FOLLOWING a ‘snap’ General Election which saw the Socialist Party win an overall majority it remains to be seen how Portugal ’s move towards adult-use cannabis legalisation will fare.
In June, last year, measures to introduce a regulated market were proposed by the Socialists’ then Coalition partners the Left Bloc, and the Liberal Initiative.
However, after the Left Bloc joined with a right-wing alliance to spike its budget proposals Prime Minister Antonio Costa called an Election.
Last Sunday, January 30, the Socialists secured 117 seats in the 230-seat parliament, and the progress of cannabis reform is now uncertain.
New Legislation Needed
Last June’s proposals were sent to the Health Committee for further discussions although there was no further progress and, with that Government now dissolved, new legislation will have to be forthcoming.
Laura Ramos, Editor-in-Chief at Portuguese cannabis publication Cannareporter, has been closely monitoring its legalisation progress.
She told BusinessCann: “Hopefully, legalisation will go forward this year, but with the recent changes on hemp – making it more difficult for farmers – and this government gaining power with the elections I really don’t know what will happen.
“Some members of the Socialist Party are more liberal, others more conservative, so it’s still too early to call.
“The possibility of legalization may also pass through the PSD – Social Democratic Party, the second largest party with parliamentary seats. In 2018, PSD deputy Ricardo Baptista Leite, who is also a doctor, presented an internal proposal to the party to legalize the adult use of cannabis to be sold in pharmacies. It is not known, however, whether the PSD will move forward with this proposal in this legislature.
“With a Socialist majority small parties like the Left Block, the Liberal Initiative or PAN (People-Animals-Nature) will lose some of their influence, but I’m hoping they will soon present proposals for legalisation and they will pass.
“In any case, if there is a proposal to legalize from any another party, it will most likely pass, as several PSD deputies will also be in favor, making it clear, however, that self-cultivation is a divisive issue, which maybe the majority do not want to accept.”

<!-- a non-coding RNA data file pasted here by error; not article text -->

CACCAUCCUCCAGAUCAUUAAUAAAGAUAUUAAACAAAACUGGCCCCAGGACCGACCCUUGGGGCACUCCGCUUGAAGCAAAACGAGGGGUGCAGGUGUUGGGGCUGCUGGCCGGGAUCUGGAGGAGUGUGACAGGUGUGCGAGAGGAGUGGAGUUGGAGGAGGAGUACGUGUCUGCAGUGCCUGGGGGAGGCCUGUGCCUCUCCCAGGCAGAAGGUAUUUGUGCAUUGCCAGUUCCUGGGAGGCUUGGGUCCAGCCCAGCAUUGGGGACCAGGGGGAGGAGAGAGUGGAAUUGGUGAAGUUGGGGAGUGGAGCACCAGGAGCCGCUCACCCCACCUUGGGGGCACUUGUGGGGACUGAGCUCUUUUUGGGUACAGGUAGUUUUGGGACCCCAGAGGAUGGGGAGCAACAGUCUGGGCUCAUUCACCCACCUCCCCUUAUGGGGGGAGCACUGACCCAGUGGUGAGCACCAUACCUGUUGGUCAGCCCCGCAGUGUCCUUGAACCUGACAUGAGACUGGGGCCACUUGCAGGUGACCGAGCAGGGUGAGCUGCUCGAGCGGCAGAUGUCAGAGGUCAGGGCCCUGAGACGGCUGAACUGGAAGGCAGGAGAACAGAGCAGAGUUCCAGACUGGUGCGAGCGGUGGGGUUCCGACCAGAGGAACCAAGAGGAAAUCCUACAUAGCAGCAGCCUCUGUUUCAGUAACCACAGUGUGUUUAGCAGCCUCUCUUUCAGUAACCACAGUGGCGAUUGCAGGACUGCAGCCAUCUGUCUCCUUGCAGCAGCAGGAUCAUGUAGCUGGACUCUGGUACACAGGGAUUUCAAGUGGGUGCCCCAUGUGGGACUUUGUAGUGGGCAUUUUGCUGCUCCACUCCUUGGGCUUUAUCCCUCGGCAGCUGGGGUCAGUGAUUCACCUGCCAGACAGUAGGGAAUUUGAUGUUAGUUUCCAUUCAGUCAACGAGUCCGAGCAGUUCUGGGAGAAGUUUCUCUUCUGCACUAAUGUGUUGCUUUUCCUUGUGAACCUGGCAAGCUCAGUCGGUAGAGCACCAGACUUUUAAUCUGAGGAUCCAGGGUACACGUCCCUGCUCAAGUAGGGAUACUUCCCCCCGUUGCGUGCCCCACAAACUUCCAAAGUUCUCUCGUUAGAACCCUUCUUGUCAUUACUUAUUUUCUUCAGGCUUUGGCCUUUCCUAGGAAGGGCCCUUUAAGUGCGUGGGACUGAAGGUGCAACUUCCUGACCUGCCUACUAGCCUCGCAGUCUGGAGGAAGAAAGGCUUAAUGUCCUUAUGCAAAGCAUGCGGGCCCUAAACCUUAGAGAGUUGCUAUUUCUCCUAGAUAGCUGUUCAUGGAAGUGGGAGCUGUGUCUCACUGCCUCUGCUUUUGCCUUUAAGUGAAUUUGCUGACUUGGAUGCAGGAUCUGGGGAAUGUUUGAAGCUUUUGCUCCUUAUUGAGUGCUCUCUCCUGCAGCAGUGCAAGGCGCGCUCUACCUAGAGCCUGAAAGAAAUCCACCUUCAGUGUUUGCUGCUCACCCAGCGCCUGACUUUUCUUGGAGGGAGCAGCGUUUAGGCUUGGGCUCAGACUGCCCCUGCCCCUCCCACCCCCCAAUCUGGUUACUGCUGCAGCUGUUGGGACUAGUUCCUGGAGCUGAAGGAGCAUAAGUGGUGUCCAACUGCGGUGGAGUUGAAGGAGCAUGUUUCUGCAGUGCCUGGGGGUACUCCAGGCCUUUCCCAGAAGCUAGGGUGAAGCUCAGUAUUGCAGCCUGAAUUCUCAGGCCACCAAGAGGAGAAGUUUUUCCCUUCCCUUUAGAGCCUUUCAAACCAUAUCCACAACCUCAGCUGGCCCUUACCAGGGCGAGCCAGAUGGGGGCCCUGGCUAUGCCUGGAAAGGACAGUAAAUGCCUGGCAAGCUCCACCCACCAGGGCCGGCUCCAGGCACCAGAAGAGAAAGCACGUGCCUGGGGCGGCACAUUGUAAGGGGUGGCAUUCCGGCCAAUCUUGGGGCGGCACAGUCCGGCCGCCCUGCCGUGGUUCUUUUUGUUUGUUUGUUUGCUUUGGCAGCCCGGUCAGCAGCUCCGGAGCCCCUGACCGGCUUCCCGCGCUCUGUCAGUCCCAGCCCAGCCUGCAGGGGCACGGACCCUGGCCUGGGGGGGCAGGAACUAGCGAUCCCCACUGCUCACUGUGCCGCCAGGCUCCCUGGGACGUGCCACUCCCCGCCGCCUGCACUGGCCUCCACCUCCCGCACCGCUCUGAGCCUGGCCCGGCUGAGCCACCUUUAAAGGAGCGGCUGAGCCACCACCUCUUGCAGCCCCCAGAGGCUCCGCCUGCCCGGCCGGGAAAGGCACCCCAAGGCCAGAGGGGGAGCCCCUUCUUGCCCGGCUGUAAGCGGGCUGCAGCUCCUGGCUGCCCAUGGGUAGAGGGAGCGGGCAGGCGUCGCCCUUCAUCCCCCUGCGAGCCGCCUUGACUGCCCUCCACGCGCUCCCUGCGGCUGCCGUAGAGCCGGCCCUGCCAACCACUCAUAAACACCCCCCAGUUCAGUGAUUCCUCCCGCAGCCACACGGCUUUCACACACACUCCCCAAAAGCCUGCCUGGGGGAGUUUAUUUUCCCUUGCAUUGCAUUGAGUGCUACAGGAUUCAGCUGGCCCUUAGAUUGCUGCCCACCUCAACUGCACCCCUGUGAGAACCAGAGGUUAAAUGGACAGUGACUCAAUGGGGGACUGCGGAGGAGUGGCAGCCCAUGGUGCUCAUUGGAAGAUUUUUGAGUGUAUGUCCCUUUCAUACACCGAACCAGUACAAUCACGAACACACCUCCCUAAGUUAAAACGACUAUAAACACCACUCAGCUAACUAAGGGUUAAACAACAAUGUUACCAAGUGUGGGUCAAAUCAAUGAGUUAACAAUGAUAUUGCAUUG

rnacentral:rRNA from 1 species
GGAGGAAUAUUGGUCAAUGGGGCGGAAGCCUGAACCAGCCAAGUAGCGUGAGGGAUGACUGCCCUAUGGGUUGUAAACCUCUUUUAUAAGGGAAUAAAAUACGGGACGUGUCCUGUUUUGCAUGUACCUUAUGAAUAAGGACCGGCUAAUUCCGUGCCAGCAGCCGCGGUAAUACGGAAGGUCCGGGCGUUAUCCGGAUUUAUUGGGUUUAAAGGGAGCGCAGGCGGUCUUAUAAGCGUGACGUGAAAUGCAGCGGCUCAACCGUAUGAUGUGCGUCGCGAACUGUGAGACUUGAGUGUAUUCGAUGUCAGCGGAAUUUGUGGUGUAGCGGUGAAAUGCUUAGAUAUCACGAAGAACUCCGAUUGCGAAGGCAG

In 2019, when earlier measures to liberalise the county’s cannabis laws were introduced by the Left Bloc and PAN, the Socialist Party was split on the issue. It opposed the proposals, although 25 Socialist MPs voted for it.
In 2001, Portugal decriminalised the personal possession of all drugs and adopted a harm reduction approach.
Possessing drugs for personal use is instead treated as an administrative offence, meaning it is no longer punishable by imprisonment and does not result in a criminal record.
‘Can’t Find a Way Forward’
In the UK, Labour Party MP Jeff Smith has spoken candidly on his recent attempt to unblock the UK”s medical cannabis prescribing system.
Mr Smith’s Medical Cannabis Access Bill was heard in the House of Commons in December last year, as reported by BusinessCann at the time
Speaking to the Express Mr Smith said: “The Bill was ‘talked out’. We got five hours of time and they just got people to talk it out until the end of the five hours and, unfortunately, although it goes back onto the agenda for future days, it won’t get taken. It won’t be discussed until April.”
Mr Smith, the MP for Wythenshawe, Manchester, went on to say that he believes the Government wants to find a way forward but is hamstrung by the medical profession.
He said: “When I spoke to ministers on this, they want more people to be able to access it, but they can’t find a way forward that they can agree with the medical establishment.”
He says the issue is with two organisations, the Medicines and Healthcare products Regulatory Agency and British Paediatric Neurology Association, who are yet to embrace the benefits of medicinal cannabis.
In the Channel Islands, UK Crown Dependency Jersey is considering introducing a ‘Cancard’ to help medicinal cannabis users prove their legitimacy if stopped by the police.
In November 2018 The States Assembly voted to allow GPs to prescribe medicinal cannabis and its cultivation was approved one year later.
Since then, however, Police and Customs officers have sometimes struggled to distinguish between bona fide users who have a prescription and those who have not.
An ‘advisory council’ of senior officers, led by Chief Probation Officer Mike Cutland, is now trying to fill the legal void, and following the UK by introducing a ‘Cancard’ form of identification.
Guernsey Issues Another Cannabis Licence
Meanwhile, fellow Channel Island Guernsey has issued its first licence in relation to CBD production.
The Bailiwick of Guernsey Cannabis Agency awarded the licence to Celebrated, a company that makes a range of products using cannabis extracts, including oils and chocolate.
The CBD licence allows Celebrated to continue its existing business but having been validated through the new system.
Israeli cannabis company Canonic has shipped a first batch of cannabis varieties to Portugal, following receiving approval to export from the Israeli Ministry of Health and Ministry of Agriculture.
As part of its preparations for the planned 2023 commercial launch in Europe, Canonic expects to enter commercial agreements with local growers and manufactures and will work to obtain required regulatory approvals, it says in a press release.
Portugal is Europe’s leading medical cannabis cultivator with Tilray investing over €20 in its Cantanhede EU Campus in 2017. The country has the most internationally-recognised cultivation facilities and licences of any EU sovereign state.